My mother will always fall very short of what I want, need and deserved her to be.
I am working on coming to terms with this, alongside the understanding that she does wish she could be better.
This desire, this staring her flaws in the face and being pained by them, does not actually change the current situation.
Her ability to empathize is severely flawed by her own pain and a lack of role models. Even as she responds to expressions of pain from her children about her lack of empathy, she responds not with empathy but with explanations, justifications, and hopes for the future.
I have been in a process of healing my own inner parent for a while. As a male, I have been working on fathering my own inner child, making up for a father who was largely absent.
Compensating for a missing mother is harder, because I don’t know what a good mother looks like. Having been raised in a patriarchal, gender segregated society, I was exposed to almost no healthy femininity in my entire upbringing.
In my adult life, I have encountered strong, middle-aged women whom I deeply resonate with as mother figures. In my mind, I adopt them as my mother, they just don’t know it.
My current exercise for self healing involves imagining them, these female figures I have collected later in life, as embracing me, accepting me as I am, creating safety.
I had one real life amazing experience where three strong mothers held me while I balled my eyes out on a dance floor. I let myself go back there and re-experience that.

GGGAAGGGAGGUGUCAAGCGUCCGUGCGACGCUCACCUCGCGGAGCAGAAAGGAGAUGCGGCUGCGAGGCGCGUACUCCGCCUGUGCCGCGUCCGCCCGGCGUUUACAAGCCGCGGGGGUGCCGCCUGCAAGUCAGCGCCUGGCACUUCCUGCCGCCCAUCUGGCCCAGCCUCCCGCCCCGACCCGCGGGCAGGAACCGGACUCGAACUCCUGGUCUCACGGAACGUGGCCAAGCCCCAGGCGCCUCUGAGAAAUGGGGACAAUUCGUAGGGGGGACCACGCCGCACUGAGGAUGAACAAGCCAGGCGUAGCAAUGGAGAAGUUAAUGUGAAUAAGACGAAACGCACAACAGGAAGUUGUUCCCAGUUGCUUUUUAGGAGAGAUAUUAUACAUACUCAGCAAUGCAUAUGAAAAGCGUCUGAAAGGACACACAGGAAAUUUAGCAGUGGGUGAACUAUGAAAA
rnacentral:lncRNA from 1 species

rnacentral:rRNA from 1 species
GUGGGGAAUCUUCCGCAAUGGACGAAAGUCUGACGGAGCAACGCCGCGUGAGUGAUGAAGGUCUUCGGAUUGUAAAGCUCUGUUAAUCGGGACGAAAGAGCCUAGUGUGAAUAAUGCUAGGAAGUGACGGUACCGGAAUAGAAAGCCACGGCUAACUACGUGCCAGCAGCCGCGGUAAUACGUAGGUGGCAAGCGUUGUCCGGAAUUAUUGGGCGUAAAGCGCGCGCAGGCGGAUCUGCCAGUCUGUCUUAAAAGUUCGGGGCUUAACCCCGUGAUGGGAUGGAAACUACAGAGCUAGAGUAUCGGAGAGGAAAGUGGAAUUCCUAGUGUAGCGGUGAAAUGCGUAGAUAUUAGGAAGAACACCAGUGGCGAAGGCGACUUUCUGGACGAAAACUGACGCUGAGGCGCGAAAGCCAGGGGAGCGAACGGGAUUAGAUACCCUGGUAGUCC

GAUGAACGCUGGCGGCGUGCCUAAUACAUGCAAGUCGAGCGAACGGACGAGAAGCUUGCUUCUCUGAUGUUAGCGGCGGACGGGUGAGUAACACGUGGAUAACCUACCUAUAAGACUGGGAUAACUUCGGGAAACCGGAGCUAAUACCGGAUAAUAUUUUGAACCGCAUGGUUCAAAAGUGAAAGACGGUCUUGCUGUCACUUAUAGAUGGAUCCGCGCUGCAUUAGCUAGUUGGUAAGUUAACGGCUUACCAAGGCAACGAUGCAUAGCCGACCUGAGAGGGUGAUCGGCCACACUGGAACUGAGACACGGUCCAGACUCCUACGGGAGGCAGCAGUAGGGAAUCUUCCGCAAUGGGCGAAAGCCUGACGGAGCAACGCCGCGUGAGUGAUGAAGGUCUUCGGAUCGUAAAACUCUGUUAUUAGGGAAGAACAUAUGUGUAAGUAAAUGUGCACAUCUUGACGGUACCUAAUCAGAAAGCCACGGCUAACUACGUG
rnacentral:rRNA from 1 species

Feel what it feels like to be held.
The softness of a woman’s touch.
Feeling seen. The acceptance, in energy and word, of who you are, as you are.
Feeling compassion. What you are feeling makes sense, is accepted, is allowed.
You are safe. You are here.1
You are loved. (Damn, that’s a dirty word, that one)
Later on in my healing, I’ll probably immerse in this by age. Nurturing my six year old, 10 year old, teenage selves, respectively.
For now, just inviting myself to feel this at all, as a whole, feels very painful – and very right.
Your mother may fall far, far short of where you need her to be. This may not be her fault, but it’s also not your problem. As an adult, you can be your own mother (and your own father). The one you deserve, that one that gives you what you need.
If you are a mother to others, the better mother you can be to yourself, the better everyone else will benefit.
If you’re looking for a female romantic partner, you can fill the void the desperately wants to be filled by other women – but in reality can only be healed by you.
Be the mother you want to see in the world.
- A thank you to the Lily’s in my life who have helped guide me towards healing.